Timbuktu destruction: Reactions to landmark ICC reparations order

The prosecution of al-Mahdi for his part in the destruction of 10 UNESCO-protected monuments presented a landmark trial for the ICC © MINUSMA/Marco Dormino
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On 17 August the ICC delivered its first reparations order for the war crime of destruction of cultural property. The Court found Malian Islamist Ahmad al-Faqi al-Mahdi - who had pled guilty last year to intentionally directing attacks against religious and historic buildings in Timbuktu in 2012 - personally liable for 2.7 million euros of the harms linked to his war crimes conviction.

Ahmad al-Faqi al-Mahdi was sentenced to nine years in prison by ICC judges in October 2016 for his part in the destruction of 10 historic and religious monuments between June and July 2012 in Timbuktu, home to thousands of precious manuscripts, mausoleums of local saints and historic structures that were widely used and revered by the local population.

The ICC is the first international tribunal to provide reparations to victims; a key restorative feature of the Rome Statute, the Court’s founding treaty. In its third reparations order to date, the Court’s judges ordered reparations for three categories of harm: damage to the attacked historic and religious buildings, consequential economic loss, and moral harm.

Reparations will be collective in nature and may include symbolic measures – such as a memorial, commemoration or forgiveness ceremonies – to give public recognition of the moral harm suffered by the Timbuktu community and those within it.

The ICC judges also ordered individual reparations for those whose livelihoods exclusively depended on the attacked buildings and those whose ancestors' burial sites were damaged.

Recognizing that al-Mahdi is indigent, the ICC encouraged the Trust Funds for Victims (TFV) to cover ("complement") the reparations award to the fullest extent possible. The TFV is expected to submit a plan to the ICC’s judges on the implementation of the reparations by 16 February 2018.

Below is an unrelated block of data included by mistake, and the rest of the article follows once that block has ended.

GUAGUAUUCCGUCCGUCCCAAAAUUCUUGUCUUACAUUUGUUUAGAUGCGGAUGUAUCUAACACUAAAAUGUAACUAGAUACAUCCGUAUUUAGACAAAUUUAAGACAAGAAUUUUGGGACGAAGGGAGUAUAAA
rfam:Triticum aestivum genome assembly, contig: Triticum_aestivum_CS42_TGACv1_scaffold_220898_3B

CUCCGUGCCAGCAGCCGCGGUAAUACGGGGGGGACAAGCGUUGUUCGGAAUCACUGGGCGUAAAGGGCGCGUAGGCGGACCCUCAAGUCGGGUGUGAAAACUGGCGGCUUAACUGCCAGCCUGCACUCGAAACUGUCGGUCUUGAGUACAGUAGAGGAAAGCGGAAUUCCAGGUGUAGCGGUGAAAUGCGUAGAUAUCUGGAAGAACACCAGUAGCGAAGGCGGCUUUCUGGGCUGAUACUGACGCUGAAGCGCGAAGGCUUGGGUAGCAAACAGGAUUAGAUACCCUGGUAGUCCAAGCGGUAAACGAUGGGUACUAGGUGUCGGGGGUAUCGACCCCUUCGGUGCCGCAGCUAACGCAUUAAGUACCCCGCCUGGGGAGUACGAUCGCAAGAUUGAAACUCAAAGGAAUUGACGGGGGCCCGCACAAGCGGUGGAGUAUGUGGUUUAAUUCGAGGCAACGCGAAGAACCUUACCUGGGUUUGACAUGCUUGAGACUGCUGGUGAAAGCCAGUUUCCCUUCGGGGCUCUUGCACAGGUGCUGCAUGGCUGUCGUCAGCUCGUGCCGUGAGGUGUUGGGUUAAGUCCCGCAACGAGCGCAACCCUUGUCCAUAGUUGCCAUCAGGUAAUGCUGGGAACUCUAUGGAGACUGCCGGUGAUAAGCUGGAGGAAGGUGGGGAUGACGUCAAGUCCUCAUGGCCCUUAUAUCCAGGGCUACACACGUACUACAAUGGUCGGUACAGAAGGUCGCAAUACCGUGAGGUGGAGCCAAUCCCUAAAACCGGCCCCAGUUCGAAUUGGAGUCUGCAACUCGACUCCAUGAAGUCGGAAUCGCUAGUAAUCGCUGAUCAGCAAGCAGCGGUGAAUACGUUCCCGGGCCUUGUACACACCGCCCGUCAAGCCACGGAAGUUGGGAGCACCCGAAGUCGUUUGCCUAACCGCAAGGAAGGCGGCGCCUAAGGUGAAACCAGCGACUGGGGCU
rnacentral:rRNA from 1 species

Civil society reacts

The Mali national Coalition for the ICC hailed the decision as “a clear step forward in recognizing the rights of victims and historical and cultural property.”

Luke Moffett, Senior Lecturer at the Queens’ University Belfast Human Rights’ Centre explained the historic significance of the ICC’s first reparations order for the war crime of destruction of cultural sites, but also raised the challenges that will come up in its implementation.

“The International Criminal Court's reparations decision today in the Al Mahdi case is a welcome addition to the Court's growing jurisprudence on reparations. Importantly the Court recognised the human aspect of destruction of cultural property on communities. International law is very silent on reparations for cultural property, instead focusing on protection, preservation and prosecution. The decision in the Al Mahdi case represents a starting point in recognising that when cultural property is destroyed we also need to engage with reparations to individuals and communities affected.

“The Court's decision today indicates it continuing move away from the Lubanga [reparations case] decision, by awarding individual compensation with collective measures. The Court is striving to strike the correct balance between responding to the harm victims' suffered, number of victims, limitations of the charges, and the indigence of the convicted person. This can be seen by the Chamber focusing compensation to those who suffered the most harm, such as guardians and direct descendants of the mausoleums, with collective reparations used to widen the benefits of reparations at the ICC to the affected community in Timbuktu,” Moffet continued. “This decision will be of use to other international bodies such as the ECCC in dealing with the destruction of cultural property of the Cham or any future mechanism addressing the Syrian conflict. In particular the decision emphasises that even where destroyed cultural property has been destroyed there still need to be measures to remedy the moral, psychological and economic harm caused to individuals and communities by the destruction of cultural property. Challenges remain for the Court and the Trust Fund in implementing reparations in this case, given ongoing security issues in Mali and Timbuktu as well as finding the funding, due to Mr Al Mahdi's indigence.”